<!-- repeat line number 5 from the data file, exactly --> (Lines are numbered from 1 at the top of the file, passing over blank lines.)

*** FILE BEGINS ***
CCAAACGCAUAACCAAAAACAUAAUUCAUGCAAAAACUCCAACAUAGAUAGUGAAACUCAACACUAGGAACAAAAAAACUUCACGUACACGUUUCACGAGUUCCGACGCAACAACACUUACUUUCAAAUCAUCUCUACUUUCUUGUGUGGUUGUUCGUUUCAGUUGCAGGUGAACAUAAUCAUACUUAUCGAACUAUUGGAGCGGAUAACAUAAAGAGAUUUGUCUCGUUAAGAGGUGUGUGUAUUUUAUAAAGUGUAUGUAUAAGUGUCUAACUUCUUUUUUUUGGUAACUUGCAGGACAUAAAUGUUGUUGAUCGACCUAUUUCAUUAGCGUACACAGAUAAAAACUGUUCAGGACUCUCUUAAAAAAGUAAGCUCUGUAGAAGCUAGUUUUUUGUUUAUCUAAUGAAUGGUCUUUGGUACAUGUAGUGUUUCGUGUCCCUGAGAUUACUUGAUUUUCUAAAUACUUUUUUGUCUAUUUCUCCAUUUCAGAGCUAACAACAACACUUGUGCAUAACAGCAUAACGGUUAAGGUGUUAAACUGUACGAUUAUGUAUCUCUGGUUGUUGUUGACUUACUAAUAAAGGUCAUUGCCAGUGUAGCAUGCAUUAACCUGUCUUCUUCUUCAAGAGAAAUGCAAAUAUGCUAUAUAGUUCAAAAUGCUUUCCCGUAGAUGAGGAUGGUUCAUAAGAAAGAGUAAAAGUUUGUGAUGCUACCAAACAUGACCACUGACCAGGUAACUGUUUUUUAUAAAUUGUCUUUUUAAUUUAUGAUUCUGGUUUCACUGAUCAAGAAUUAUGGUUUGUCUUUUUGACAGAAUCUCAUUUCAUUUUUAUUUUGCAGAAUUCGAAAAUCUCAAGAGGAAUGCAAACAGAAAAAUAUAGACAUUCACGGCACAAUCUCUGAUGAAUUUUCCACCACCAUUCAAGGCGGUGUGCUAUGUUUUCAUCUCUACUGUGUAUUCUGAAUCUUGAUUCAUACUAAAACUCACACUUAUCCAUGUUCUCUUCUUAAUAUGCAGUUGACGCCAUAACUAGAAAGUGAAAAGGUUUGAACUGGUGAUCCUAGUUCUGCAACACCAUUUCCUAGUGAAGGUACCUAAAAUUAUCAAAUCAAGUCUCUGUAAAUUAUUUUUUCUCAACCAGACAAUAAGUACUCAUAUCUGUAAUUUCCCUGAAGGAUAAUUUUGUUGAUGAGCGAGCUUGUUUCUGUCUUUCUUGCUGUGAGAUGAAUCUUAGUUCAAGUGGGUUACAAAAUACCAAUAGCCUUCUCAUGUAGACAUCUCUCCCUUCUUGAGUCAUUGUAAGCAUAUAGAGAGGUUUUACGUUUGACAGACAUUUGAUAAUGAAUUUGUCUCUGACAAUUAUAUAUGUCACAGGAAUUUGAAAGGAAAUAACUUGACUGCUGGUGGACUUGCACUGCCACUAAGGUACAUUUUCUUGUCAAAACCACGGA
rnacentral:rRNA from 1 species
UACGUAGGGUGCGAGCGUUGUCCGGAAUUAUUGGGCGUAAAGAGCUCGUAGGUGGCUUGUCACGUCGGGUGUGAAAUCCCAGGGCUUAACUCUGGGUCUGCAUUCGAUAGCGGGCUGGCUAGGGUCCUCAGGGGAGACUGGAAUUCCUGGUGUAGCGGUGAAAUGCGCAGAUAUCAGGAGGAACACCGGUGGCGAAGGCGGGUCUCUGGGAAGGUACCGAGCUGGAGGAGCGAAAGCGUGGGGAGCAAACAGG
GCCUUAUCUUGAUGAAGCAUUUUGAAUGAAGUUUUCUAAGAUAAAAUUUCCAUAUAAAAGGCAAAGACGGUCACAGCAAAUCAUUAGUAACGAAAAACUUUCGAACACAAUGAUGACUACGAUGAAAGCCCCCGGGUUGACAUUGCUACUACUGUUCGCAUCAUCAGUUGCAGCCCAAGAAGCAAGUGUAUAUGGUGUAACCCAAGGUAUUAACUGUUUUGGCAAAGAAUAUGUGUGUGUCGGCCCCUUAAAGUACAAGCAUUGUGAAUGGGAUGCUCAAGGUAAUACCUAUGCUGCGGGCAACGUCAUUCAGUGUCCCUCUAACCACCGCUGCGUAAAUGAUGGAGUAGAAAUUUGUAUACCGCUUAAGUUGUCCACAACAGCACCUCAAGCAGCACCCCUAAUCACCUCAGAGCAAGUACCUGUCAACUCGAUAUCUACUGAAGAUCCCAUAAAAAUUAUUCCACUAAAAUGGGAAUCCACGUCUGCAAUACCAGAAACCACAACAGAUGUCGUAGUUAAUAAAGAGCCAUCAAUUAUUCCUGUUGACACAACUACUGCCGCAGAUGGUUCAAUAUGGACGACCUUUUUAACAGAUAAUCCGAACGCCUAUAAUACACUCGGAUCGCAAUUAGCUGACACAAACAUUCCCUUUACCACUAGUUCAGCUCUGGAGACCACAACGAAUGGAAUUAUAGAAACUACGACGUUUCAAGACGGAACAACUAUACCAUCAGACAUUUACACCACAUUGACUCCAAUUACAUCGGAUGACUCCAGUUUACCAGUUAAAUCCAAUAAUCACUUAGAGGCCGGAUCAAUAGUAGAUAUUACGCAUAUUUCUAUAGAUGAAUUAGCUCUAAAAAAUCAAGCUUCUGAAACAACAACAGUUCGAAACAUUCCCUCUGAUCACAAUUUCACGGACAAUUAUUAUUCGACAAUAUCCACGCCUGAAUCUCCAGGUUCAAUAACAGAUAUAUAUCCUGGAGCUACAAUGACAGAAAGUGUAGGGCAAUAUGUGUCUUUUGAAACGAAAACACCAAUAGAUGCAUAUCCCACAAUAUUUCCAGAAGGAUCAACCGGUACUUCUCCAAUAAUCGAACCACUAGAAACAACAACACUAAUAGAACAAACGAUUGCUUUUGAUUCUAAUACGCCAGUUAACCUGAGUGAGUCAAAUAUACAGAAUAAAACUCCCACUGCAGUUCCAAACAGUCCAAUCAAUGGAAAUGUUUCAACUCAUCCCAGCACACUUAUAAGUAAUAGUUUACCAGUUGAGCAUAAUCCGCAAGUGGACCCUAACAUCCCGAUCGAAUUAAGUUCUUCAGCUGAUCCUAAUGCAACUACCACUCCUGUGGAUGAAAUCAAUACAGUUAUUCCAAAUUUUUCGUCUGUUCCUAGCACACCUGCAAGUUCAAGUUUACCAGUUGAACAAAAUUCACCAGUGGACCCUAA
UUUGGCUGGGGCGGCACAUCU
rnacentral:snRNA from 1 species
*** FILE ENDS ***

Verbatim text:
UUUGGCUGGGGCGGCACAUCU